MASH MONKEYS BREWING CO., 920 U.S. 1, Sebastian. Opened March 2018. Taps: 15, of which 12 are of original brews. Can flex to more than 20 original brews. No kitchen on site. BYO Food or have it delivered. Phone: 772.571.6283. Website: http://www.mashmonkeysbrewing.com
Two friends who met at Sebastian’s home brewing club, called the Boil Over Boys, turned their shared passion into Mash Monkeys Brewing Co., near what can be considered downtown Sebastian.
They spent all their money, got some financial help from relatives and at times spent 22 hours a day not only brewing beer, but overhauling their leased space and dealing with the multiple surprise problems that crop up when a new business opens to the public.
So far, so good, says co-owner Patrick Kirchner. Before opening the brewery and pub, Kirchner was a boat mechanic, and called himself a “grease monkey.” His business partner and friend, Derek Gerry, cooked professionally for 20 years when he called himself a “stove monkey.” After shifting to professional brewing, which includes a mashing process of mixing grains, they became “mash monkeys.”
Gerry said he learned where to get the best fruit in the area while cooking professionally for 20 years, which is used to flavor many Mash Monkey brews.
Locally produced blood oranges, peaches and strawberries are used for beers and hard lemonades, including the popular Pink Cadillax Hard Lemonade made from October to April. Around Father’s Day, locally produced tomatoes are used for a Bloody Mary beer.
Its most popular beer is Aqua Pazza IPA.
It’s clear brewers have fun naming the beers.
“The Pushy Farmer was named after the farmer who picks up our grain to feed to his cows,” says Gerry. “He was growing hops for us. And one day he said, ‘I’ve got to pull these off the vine. You guys got to come get these and brew these.’ So, I wrote a recipe right there, and we called it The Pushy Farmer.”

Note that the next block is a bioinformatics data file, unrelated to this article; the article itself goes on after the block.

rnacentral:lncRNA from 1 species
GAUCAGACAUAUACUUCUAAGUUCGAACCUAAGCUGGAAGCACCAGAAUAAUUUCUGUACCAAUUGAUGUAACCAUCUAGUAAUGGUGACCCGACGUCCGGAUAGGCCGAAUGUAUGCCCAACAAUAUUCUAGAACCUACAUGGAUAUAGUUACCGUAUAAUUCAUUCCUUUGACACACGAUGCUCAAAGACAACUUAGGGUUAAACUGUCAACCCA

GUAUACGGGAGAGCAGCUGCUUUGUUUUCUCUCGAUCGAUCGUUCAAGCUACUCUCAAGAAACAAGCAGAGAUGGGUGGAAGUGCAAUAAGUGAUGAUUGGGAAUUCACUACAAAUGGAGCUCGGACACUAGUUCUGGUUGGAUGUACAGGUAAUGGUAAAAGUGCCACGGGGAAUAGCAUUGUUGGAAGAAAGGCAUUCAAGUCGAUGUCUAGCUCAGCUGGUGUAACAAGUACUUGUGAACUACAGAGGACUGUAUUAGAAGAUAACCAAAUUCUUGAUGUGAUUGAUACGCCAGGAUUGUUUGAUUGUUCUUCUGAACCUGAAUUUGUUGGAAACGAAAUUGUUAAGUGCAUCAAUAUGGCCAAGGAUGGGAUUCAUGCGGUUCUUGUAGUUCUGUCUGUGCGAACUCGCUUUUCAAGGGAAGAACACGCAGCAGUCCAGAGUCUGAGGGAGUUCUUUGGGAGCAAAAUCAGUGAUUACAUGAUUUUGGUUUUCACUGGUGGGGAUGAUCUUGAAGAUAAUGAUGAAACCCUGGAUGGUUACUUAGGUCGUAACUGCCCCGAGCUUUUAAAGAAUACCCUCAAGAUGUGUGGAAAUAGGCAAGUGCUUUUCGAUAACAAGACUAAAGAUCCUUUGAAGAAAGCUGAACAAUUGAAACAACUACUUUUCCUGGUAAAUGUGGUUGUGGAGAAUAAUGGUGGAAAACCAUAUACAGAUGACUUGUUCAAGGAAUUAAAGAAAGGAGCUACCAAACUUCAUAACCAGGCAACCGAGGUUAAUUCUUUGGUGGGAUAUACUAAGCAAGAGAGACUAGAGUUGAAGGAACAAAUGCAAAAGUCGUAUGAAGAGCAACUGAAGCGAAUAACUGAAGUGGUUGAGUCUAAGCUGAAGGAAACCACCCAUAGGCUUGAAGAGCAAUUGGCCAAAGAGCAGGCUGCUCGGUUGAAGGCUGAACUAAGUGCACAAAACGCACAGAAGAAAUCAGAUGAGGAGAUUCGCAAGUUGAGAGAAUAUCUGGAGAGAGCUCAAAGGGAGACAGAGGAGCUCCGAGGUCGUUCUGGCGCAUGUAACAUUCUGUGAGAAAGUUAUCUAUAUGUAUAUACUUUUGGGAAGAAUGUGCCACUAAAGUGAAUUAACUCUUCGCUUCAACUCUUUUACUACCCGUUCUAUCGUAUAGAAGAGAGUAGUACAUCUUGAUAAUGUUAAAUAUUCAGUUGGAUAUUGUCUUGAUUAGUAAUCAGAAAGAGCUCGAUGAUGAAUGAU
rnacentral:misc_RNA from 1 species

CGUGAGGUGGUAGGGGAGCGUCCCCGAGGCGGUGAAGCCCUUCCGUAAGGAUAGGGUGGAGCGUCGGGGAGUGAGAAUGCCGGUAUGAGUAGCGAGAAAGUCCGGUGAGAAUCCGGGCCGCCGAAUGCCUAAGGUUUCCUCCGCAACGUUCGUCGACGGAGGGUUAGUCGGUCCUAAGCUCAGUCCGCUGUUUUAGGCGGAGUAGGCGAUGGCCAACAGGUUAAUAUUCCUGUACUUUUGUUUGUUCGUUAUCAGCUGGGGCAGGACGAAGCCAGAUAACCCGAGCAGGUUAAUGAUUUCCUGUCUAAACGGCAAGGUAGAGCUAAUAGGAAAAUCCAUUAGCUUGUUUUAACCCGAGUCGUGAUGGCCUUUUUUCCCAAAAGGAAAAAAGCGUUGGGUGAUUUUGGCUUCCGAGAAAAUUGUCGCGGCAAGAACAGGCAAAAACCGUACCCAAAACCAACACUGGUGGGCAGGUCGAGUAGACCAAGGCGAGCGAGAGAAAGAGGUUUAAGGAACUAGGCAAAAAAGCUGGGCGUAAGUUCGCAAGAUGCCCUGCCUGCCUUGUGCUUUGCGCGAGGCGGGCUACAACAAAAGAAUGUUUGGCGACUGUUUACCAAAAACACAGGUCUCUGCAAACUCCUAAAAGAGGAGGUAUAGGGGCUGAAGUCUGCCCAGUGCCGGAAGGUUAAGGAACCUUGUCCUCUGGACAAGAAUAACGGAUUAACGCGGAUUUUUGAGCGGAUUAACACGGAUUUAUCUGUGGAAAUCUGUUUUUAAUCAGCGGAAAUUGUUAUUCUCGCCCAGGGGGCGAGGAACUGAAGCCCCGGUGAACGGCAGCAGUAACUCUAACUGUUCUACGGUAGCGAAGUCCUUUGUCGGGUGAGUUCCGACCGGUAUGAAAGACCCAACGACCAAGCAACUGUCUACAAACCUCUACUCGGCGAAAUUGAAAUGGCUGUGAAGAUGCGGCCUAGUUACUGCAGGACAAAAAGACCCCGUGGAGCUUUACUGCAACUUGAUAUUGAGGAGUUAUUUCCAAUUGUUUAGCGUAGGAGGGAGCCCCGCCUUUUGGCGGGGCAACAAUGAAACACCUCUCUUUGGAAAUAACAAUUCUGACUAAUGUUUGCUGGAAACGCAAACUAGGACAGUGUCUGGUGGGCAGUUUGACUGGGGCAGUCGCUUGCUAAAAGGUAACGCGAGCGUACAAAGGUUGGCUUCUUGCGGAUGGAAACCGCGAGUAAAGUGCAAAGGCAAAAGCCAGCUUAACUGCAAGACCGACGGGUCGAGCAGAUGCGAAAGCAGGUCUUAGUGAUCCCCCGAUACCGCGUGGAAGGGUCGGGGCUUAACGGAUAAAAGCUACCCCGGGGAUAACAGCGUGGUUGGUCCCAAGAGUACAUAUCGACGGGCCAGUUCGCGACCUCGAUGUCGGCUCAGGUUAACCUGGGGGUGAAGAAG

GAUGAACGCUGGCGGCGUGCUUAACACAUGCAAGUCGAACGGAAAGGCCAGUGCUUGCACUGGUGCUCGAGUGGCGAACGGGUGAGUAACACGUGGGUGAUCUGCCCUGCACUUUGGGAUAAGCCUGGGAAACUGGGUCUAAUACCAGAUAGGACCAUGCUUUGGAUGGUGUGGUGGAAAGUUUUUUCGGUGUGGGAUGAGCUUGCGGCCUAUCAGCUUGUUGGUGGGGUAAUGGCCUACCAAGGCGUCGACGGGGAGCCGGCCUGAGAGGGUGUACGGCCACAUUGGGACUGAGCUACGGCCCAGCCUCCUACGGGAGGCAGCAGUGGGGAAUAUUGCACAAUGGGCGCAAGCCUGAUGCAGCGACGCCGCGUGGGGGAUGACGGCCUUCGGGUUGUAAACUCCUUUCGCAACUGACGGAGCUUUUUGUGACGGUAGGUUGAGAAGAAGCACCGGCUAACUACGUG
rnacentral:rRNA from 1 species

PAREIDOLIA BREWING CO., 712 Cleveland St., Sebastian. Opened September 2014. Taps: 16, of which 14 are of beers brewed on site. Kitchen on site. Phone: 772.584.0331. Website: https://www.pareidoliabrewing.com
Husband and wife Pete and Lynn Anderson were looking up at a moon-lit sky one night when, to them, one of the clouds wafting by the moon looked like Ralph Wiggum, the dim-witted son of the police chief in The Simpsons. What they experienced was pareidolia, which is the tendency to perceive a specific image in a random or ambiguous visual pattern. It’s seeing religious figures in a piece of toast. About to take the plunge into opening a brewery with a bar, they decided Pareidolia would be a good name for it.
Pareidolia is now at a larger, second location, with a comfortable bar, a huge mural of Jerry Garcia and one of the best kitchens among the area’s craft brew pubs. The Andersons opened the first Pareidolia on a relative shoestring of less than $50,000, and brewed beer in a 10-by-10-foot room. During that first year, Pete kept his job as a fourth-grade teacher. By the company’s second year, Pete, not sure it would all work out, took a leave of absence, keeping open the chance to go back. Things did work out. Pete has since become a kind of godfather in the evolving Treasure Coast craft beer scene.
“No one thought we could do it, which only made me want (to succeed) more. When we brewed our 100th batch, we named it Ignorant Bastards,” said Pete. “People asked why we named it that and I said, ‘Half this town said those ignorant bastards won’t last two months in this Bud Light town.’”